This past weekend I did a couple rides with my GF on some pretty mellow trails, but a few had some short punchy climbs, rock features and some tight twisty stuff. Normally I would go XC HT, Singlespeed or XC FS for this stuff. My 5" trail bike was way overkill, but despite being 7lbs heavier than my other bikes did pretty good. I am sure I could have climbed faster on my lighter more responsive bikes, but for just messing around it did fine and was still fun.

    Also I just replaced my XC HT 29er with a XC FS 100/100. This was NOT to ride trails I could not ride on the HT, but for highspeed descents and for long distance (4-8hr) chunky rides. There is very little if anything I could ride on the XC FS bike that I could not on the XC HT. Same head angle on both bikes in fact. It just smoother and more comfortable on chunk. I have been chasing long distance speed and pushing downhills on the HT is just tiring. Not that it can't be done, but it works me more than on the FS. So I am more fatigued or have to simply slow down. I still have 29 XC HT (singlespeed) so I know how they descend, but I slacker 5" bike for more comfort, but really to hit lines I would not try on the XC bikes. The reason it not my primary bike is the lack of uphill speed from it and that fact that 80% of my riding sees me within the limits of good XC bike and my skill set.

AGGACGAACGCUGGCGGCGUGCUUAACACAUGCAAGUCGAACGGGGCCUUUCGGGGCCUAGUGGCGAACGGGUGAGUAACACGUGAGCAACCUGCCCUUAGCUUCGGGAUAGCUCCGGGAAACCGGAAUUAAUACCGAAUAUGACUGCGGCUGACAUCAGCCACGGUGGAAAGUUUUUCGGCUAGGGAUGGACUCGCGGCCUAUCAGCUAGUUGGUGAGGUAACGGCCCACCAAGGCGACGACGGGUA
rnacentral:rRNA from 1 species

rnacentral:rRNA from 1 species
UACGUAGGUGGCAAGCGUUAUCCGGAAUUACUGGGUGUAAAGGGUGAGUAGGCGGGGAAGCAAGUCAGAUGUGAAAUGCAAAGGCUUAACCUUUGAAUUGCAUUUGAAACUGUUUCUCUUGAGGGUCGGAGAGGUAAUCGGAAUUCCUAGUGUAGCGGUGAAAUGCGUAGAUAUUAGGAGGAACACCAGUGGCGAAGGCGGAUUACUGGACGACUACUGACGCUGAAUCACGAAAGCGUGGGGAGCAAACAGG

Joe
    '18 Specialized Epic 29", Vassago Verhauen SS 29", '13 Santa Cruz Solo 27.5", XC, AM, blah blah blah.. I just ride.

  20. #20
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    Good discussion!

    I've been riding enduro class bike for a while (160-ish mm suspension front and rear) thinking that if you mostly climb for descend you can not be overbiked. I've got myself slack steel hardtail to replace dirt jumping hardtail which is too small for me - I am 6'5''. With plus tires I am riding it everywhere and it's huge fun. Direct connection to the trail and sharp handling makes hardtail very special. On familiar trail I could be as fast as on big full suspension bike - and it FEELS way faster I still can not ride it with the same abandon as full suspension - and I have to stop for rest more often.

    I am interested in lighter trailbike - like new Specialized Stumpjumper - but I am going to seriously test ride one to see if it really provides a happy medium between big slack full sus bike and big slack hardtail...

    Again - on familiar trail being in right mood hardtail is king. But when you want a little bit of help - still having fun - some rear suspension could hopefully make it fun-ner. I will check for myself. Really steep and rough and fast trails call for big full suspension bike - but in reality such trail are few and far between - even in Colorado